26 Sep 2013 11:50
WINDHOEK, 26 SEP (NAMPA) - Community co-ordination and management of conflict between people and wildlife are some of the efforts needed to improve conservation as a social development movement in Namibia.
This is according to the World Bank and the United Nations Convention to Combat Desertification (UNCCD). Their sentiments were published in a magazine titled Land for Life - managing land sustainably for better livelihoods which was launched during a side-event at the 11th session of the Conference of the Parties (COP 11) to the UNCCD on Wednesday night.
The magazine says conservancies have enabled communities to form joint ventures with commercial enterprises (primarily for tourism, but also enterprises that make commercial use of indigenous plants) more easily, which has generated income and other economic benefits for rural communities.
The programme in Namibia has already demonstrated the effectiveness of devolving management authority over wildlife to landholders as a conservation mechanism. Still, to enhance conservation, more efforts are needed to improve community co-ordination and management of conflict between people and wildlife, it stressed.
The magazine presents 40 innovative case studies from across the world, illustrating how people can restore the health of degraded lands.
These cases have been selected from 250 applications for the UNCCD Land for Life Award from 2011 until 2013, and from the World Banks portfolio.
The formation of conservancies has become a social development movement as well as an accepted and holistic approach to conservation, according the magazine.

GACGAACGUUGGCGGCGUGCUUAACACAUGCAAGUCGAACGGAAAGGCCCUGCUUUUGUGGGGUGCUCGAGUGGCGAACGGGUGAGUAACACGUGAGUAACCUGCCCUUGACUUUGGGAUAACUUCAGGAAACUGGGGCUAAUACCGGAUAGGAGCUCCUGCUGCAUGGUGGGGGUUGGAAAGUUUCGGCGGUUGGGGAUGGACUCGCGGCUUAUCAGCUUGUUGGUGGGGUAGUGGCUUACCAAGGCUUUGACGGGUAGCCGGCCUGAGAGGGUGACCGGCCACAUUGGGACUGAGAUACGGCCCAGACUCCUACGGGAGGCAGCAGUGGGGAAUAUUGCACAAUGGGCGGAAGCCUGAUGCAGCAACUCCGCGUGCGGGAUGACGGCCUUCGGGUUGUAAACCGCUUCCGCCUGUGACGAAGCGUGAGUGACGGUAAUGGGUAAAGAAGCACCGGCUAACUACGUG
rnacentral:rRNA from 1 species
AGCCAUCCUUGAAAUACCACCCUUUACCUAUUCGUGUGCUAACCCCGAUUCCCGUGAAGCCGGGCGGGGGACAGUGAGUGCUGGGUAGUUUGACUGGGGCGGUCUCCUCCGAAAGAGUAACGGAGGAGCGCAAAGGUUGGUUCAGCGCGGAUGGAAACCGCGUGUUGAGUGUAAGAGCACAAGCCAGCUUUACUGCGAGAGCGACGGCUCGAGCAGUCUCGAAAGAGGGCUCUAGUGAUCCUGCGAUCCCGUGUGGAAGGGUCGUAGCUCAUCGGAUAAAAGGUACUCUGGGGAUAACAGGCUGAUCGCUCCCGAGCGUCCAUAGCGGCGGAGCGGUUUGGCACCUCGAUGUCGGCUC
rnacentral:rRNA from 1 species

It said with the United States Agency for International Development (USAID)s Life Programme, the World Bank and the Global Environment Facility (GEF) have provided support to conservancies for participatory land use planning, development and extension of community wildlife management and monitoring. Through the programme, communities are provided with incentives to manage and use resources in sustainable and productive ways to reduce deforestation, land degradation and biodiversity loss.
This support has facilitated the strategic introduction of wildlife in conservancies with low game densities and diversified income generated opportunities to increase non-beneficial benefits and new income to households.
In addition, the project also put a legal framework in place and built human capacity by incorporating integrated ecosystem management into the national programme.
Between the years 2005 and 2009, the total revenue for all the conservancies (71 conservancies during the publication of the magazine) including cash, (salaries, jobs from the tourism sector and various other payments) and proceeds from other sources (such as meat sold and consumed and plants utilised and sold) - increased substantially from US.dollars 1,4 million (about N.dollars 14 million) to US dollars 3,5 million (about N dollars 35 million).
There are currently 79 conservancies registered with the Ministry of Environment and Tourism.